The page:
​The issue of borders has long been contested in Central Asia and the Far East with present-day consequences stretching from academic theorizations to military confrontations. These debates often fixate on the role of the state in drawing and fortifying boundaries with skewed historical arguments about glorified national pasts and anxieties about the future, often overlooking the complicated meaning and nuanced context in which borders are formulated. The outdated approaches, underpinned primarily by colonial and Eurocentric perspectives, have long limited directions in research, and necessitate rethinking and reformulation.  
The purpose of the conference is to critically interrogate these conventional narratives and rethink the role of borders through a historical and anthropological perspective. By challenging the preoccupations around divisions and boundaries, the conference invites participants to consider the importance of hubs and mobilities throughout the modern age. We hope to bring together histories and ethnographies of mobility and the everyday in Central Asia and the Far East to challenge narratives of the periphery and frontier that continue to frame the region.
Throughout the 19th and 20th centuries, both regions witnessed a multitude of political reconfigurations, imperial delimitations, and socio-cultural transformations. These processes had a profound impact on how people connected and moved within and beyond the regions. Some began to move according to the changing regimes, creating new networks of connections, and paving alternative routes. However, others contested, resisted, and followed existing patterns of mobility. This conference provides a forum to reflect on not only how borders were shaped but also how the inhabitants of the region engaged with these through their own conceptions of space, networks, and connections. 
With a strong focus on cultural interactions and transnational exchanges, the conference invites submissions that highlight the concept of hubs and mobilities in and around Central Asia, the Far East, and other regions as a way to explore heterogeneity. We also welcome proposals that challenge the terminology of Central Asia and the Far East itself – terms that are not without their baggage – and propose alternative spatial approaches to the study of this part of the world. Moreover, topics that interweave these and surrounding regions, exploring the inter-regional connections, are also welcome.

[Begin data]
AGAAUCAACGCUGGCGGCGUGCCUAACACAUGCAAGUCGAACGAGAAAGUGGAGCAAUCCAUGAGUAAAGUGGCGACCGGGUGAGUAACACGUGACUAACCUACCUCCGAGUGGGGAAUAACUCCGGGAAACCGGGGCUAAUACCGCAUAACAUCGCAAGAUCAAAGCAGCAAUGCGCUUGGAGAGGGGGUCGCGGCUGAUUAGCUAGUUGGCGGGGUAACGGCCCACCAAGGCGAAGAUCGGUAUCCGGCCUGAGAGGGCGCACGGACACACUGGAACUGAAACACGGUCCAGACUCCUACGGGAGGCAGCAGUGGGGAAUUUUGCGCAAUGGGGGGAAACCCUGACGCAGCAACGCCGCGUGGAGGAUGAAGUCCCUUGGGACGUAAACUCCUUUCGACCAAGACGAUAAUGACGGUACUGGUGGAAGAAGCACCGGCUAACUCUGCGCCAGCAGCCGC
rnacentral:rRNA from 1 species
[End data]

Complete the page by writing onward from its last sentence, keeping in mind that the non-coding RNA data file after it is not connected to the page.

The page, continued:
Papers are welcome to explore but are not limited to the following themes:
  • Rethinking historical hubs 
  • Imperial borderlands and frontiers
  • Colonial/imperial practices and legacies of (b)ordering
  • Urban hubs and interregional trades
  • New approaches to the study of mobilities and migrations, including comparative theories of locality and transregional studies
  • Religious activity and spiritual routes
  • Trade, commercial links, and merchant networks  
  • Intellectual networks and educational centres
  • Officials, public servants, and state agents
  • The (b)ordering of race
  • Collective history of anti-colonial struggles
  • Interventions in the existing socio-spatial and temporal categories
  • Connections with other adjacent regions  
Submission guidelines and conference details
The conference will be held virtually on the 23rd and 24th of May, and the working languages will be English and Russian.
Please submit your title, abstract of 200-300 words, and a short biographical note to the conference email address If you are submitting a proposal for a panel, please include an abstract for each paper (300 words), a summary of the panel theme (250 words), as well as a short biography of each panel speaker.
All proposals should include your name, email address, and academic affiliation (if applicable).  
The extended deadline for submission is 25 March 2022.
For any enquiries, please contact the organizers at
Photo above: Vladivostok by Merrill Haskell in 1919, reproduced by D. A. Ancha, V. I. Kalinin, T. Z. Pozdniak in Vladivostok na fotografiiakh Merrilla Khaksella, 1919-1920 (2009)   


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